taraxacum officinale

Dandelions, Taraxacum officinale, are probably my personal favorite wild harvest plants and you will see me refer to them often through the course of my various articles. With spring around the corner for many of us, now is the time to begin seeking out the reddish tinted leaves of one of nature's most versatile greens. Vitamin packed and widely scattered across North America, dandelions can be found in lawns, gardens or almost anywhere the earth has been disturbed.

Dandelions where first introduced from Europe as a common herbal remedy and garden plant but quickly escaped and can now be found so easily it is often deemed a nuisance rather than a helpful and healthful herb by more confused individuals. Times are changing though and dandelions are again establishing themselves with the general public as a wonderful herb and versatile green.

For greens, always harvest dandelions prior to the bloom stage. The cooler the weather the “cleaner” tasting your greens will be. Collecting in late fall is also recommended as a sudden cold snap always depletes the bitterness associated with dandelion greens.

dandelion lawn

Dandelions provide a 4 part harvest. Early spring provides 3 parts consisting of the leaf, crown and root and later in the season you can collect the blooms for various items such flower fritters and wine. Collecting the roots for a coffee substitute is generally done in the late fall when the plant has stored much of its energy in the roots but I tend to collect the root throughout the year.

Anyway, let me lead you back to our spring harvest. Garden centers will sell a specialized tool for “weeding” dandelions from your yard. I love this tool for harvesting since it is designed for dandelions in the first place *(Thank you weed haters you made my job so much easier!). This tool is pointless to anyone wanting to rid their lawn of dandelions because if even an inch of the root remains in the ground the plant will grow back, but it is perfect for harvesting the long. tapered roots of dandelions.

Make sure to collect from areas that are pesticide free. If you are interested in organic pest control check out the Dirt Doctor web site for endless information that will assist you in keeping your yard and gardens pest free. Also, if you are collecting from your own yard remember that dandelions that are never mowed will have the best flavor.
When you harvest your dandelions cut the root well below the surface of the soil. Wash these with a garden hose to remove the majority of dirt and sand. Bring your bounty indoors and set your dandelions in a colander with running water flowing over them as you work. I generally set up three bowls, one for greens, one for the crowns and one for the roots. The running water is important and will make your job vastly easier, since the greens and crowns tend to trap little particles of sand.


Trim the root off, leaving roughly 1/8 to 1/4 inch attached to the crown to help hold it together. With scissors or a sharp knife cut away the greens from the crown. The crown is basically the immature flower buds and is a culinary delight. If your crowns are huge cut them in half or quarters so that the end result is more uniform in size *(I have found crowns up to 4 inches in diameter from a single root).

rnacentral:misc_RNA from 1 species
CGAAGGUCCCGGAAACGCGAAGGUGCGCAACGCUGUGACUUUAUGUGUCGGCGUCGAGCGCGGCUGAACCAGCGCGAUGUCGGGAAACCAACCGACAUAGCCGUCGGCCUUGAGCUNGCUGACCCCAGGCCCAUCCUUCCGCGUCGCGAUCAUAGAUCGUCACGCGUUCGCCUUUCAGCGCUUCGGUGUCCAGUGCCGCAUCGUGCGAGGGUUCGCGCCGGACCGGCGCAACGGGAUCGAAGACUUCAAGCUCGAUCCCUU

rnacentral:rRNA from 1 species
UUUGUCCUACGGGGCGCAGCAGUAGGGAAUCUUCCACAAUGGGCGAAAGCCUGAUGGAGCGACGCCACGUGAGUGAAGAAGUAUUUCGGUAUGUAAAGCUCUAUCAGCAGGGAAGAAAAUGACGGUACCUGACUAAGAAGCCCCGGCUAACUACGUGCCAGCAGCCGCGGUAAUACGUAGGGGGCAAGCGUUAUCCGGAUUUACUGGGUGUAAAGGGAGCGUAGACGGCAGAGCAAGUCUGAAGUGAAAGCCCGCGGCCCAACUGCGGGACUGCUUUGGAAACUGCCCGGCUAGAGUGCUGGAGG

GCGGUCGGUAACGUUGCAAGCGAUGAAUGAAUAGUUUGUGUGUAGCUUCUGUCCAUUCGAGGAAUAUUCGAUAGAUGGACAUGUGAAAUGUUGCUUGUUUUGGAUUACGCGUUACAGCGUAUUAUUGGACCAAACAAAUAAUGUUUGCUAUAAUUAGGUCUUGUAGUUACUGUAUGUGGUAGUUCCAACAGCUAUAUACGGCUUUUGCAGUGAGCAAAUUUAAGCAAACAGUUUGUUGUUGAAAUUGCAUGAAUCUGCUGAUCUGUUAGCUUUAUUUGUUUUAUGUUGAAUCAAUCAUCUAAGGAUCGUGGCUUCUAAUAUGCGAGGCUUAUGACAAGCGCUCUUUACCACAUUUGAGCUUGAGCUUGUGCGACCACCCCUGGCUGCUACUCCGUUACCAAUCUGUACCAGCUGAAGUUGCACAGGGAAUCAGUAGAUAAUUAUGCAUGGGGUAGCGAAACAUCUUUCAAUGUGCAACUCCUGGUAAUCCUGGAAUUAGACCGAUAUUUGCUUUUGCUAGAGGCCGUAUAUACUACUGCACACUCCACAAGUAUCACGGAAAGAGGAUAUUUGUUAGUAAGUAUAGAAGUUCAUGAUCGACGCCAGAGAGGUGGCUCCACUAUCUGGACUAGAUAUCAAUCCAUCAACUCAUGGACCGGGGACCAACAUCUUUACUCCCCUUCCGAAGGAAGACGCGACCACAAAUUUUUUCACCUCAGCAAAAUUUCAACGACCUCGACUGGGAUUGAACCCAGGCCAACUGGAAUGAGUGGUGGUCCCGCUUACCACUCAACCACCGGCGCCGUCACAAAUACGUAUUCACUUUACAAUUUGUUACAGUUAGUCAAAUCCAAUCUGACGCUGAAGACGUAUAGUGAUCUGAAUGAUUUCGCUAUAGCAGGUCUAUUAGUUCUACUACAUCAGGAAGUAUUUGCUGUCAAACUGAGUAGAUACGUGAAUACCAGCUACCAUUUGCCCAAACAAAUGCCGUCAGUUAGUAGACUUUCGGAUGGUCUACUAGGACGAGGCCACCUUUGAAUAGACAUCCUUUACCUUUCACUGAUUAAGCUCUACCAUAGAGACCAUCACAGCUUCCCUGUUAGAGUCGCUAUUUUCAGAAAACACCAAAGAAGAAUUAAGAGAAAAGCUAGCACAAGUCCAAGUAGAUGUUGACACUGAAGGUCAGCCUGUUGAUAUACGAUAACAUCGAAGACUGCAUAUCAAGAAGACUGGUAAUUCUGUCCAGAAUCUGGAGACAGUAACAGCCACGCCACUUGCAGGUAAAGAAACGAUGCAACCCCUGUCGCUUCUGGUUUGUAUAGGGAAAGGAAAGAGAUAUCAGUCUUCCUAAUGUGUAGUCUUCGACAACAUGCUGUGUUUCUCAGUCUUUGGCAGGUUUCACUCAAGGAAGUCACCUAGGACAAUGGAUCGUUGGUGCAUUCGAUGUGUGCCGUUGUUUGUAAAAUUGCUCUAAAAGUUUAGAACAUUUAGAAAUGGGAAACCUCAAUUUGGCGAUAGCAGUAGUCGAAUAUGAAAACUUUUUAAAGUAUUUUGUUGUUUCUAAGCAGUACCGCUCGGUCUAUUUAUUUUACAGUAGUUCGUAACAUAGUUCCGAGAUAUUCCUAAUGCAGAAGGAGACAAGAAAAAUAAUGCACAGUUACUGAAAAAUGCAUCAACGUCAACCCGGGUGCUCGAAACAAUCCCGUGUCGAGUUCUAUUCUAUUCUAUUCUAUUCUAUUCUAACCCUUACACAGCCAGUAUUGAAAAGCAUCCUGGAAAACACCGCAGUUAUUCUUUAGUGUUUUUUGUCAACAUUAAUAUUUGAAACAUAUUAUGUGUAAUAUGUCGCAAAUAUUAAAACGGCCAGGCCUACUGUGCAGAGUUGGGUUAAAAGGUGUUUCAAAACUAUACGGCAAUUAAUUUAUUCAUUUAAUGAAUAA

The roots can be cooked in much the same way you would cook parsnips or other root crops. Boil them, mash them and season with salt, pepper and butter or add them to soups and stews. I prefer to use them as a coffee substitute and roast them in an oven set to 250-300 degrees F until the roots break easily. These I store in a sealed container until I am ready to use them with my coffee. I generally mix them half and half with commercial coffee to retain my daily caffeine dosage but you can use dandelion root alone. Experiment with the amount to find the taste that suits you best.

The crowns can be lightly blanched and frozen for later use or bread them fresh and lay on a cookie sheet in the freezer until completely frozen. Place these in a zip-lock bag to be deep fried later in the year. The crowns can be added fresh to salads, make a wonderful soup veggie and are fabulous battered and deep fried. Simply sprinkle herbs and spices such as garlic powder, onion powder, basil and parsley directly on the fresh crowns. Dip them in an egg and milk mixture and roll in flour. Deep fry these in hot oil until golden brown and serve hot.

The greens are in themselves probably the most versatile of the various dandelion parts. Use them as you would any green in salads, quiches, lasagna, pesto, soups, stews or casseroles. The greens can be blanched and frozen for later use or dried and added to herb breads and teas. I have also made homemade noodles with minced dandelion greens and they where a big hit here at home.

Hot Dandelion Dip

1 cup chopped dandelion greens, thawed and drained if frozen
1/2 cup diced red bell pepper
1 tablespoon minced garlic
1 (6 ounce) jar marinated artichoke hearts, mashed
1/2 cup sour cream
1/2 cup grated parmesan cheese
ground black pepper
heavy cream
Preheat oven to 350 degrees F (175 degrees C).
dandelion dip

Mix together dandelion greens, bell pepper, garlic, artichokes, sour cream, and parmesan cheese. Season with salt and pepper. Mixture will be thick, add cream to thin to dip consistency. Spoon into a 1 quart baking dish.
Bake for 20 minutes, or until bubbly. Serve with crackers.

Dandelion & Garlic Salad

1 cup fresh dandelion greens
1 Clove garlic
1 Tablespoon olive oil
Salt and freshly ground black pepper
dandelion garlic salad

Wash the dandelion greens to remove any sand. Drain off all the water and coarsely chop. Place in a steamer and cook until tender (10-15 minutes).

Using a garlic press, crush the garlic into a medium size bowl.

Transfer the cooked dandelion greens to the bowl with the garlic and add the olive oil, salt and black pepper.

Gently toss and serve.